The Rattenbury bill proposes something similar for the ACT.
The 30 day time frame for review decisions by the commissioner's office was commendable but always going to be ambitious unless accompanied by speedy, streamlined access to agency documents the subject of review, and plenty of skilled resources to do the job.
A failure to make a decision within time or agreed extended time (the act provides for extra time with the consent of the applicant) is deemed confirmation of the agency decision (s 49J) and grounds for a review application to the Victorian Civil and Administrative Tribunal (s 53).
This report today in Herald Sun online about Leader Newspapers’ experience in asking for review of a decision by Ambulance Victoria was prompted by the commissioner seeking two time extensions. The Leader found plenty of support for the proposition that delay is 'completely unacceptable.' Professor Johan Lidberg of Monash University said “The whole point of the commissioner is to speed up the process but that is not working at all.”
The only published information about how it is working out is the Commissioner's Annual Report 2012-13 covering the first seven months of the scheme. The statistics are now eight months old. Things may have got better or worse.
Meeting that 30 day deadline is proving a struggle. Of the 92 review decisions made by the commissioner's office during the period, one third were within the statutory 30 days.
Applicants agreed to extension of time in 94 reviews and to 121 extensions in total.
There are no published decisions on the website. Some reviews are no doubt complex and speedy access to the documents in dispute is likely to be an issue in some cases.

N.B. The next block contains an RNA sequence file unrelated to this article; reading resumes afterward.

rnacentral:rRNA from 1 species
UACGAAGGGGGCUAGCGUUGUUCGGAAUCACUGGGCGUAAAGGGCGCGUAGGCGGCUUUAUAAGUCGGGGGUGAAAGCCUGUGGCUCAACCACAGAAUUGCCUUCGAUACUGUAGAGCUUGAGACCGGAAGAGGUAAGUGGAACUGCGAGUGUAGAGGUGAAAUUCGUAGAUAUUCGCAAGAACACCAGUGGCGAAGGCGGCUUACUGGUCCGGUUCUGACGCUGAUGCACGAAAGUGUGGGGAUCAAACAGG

The commissioner received 258 review applications in total; 51 were not accepted for one reason or another; 47 were dismissed, 20 after informal resolution and with the consent of the applicant.
One hundred and ninety review applications were completed. Fifty one decisions (68%) were the same as agency decision, 33 differed in full or in part.
Two agencies feature prominently amid the numbers. Victoria Police, subject to 35 review applications had 20 decisions affirmed, a different decision in 8 cases while 7 applications were dismissed. Worksafe Victoria was the subject of 16 review applications: 8 affirmed, 5 differed and 3 dismissed.
As to efficiency and effectiveness, the report is not enlightening. Performance measures for the FOI Commissioner's for what they are worth appear only in the Department of Justice Annual Report. The only indicator in the report apart from process numbers is "High" for "Satisfaction with services performed." But nothing about how this was obtained.
There is still plenty of FOI business for VCAT:166 FOI appeals were lodged with VCAT during the period.
The report also contains stats regarding agency experience in dealing with FOI applications including something I haven't seen elsewhere- Appendix E (pdf) lists the names of agency decision makers and a mini scorecard for each of the number of FOI decisions made, access granted in full or part, and access refused.
On the really big Victorian picture, back to Professor Lidberg:
“Victorian Freedom of Information is one of the poorest functioning access to information laws in the country,” Mr Lidberg said. “It’s slow, cumbersome and expensive to use.”You can add very dated to that.The 1983 act shows the finest thinking of the nineteen seventies and eighties. Other than a new review system on which the jury is still out, it shows none of the more expansive thinking of more recent times about transparency and open government.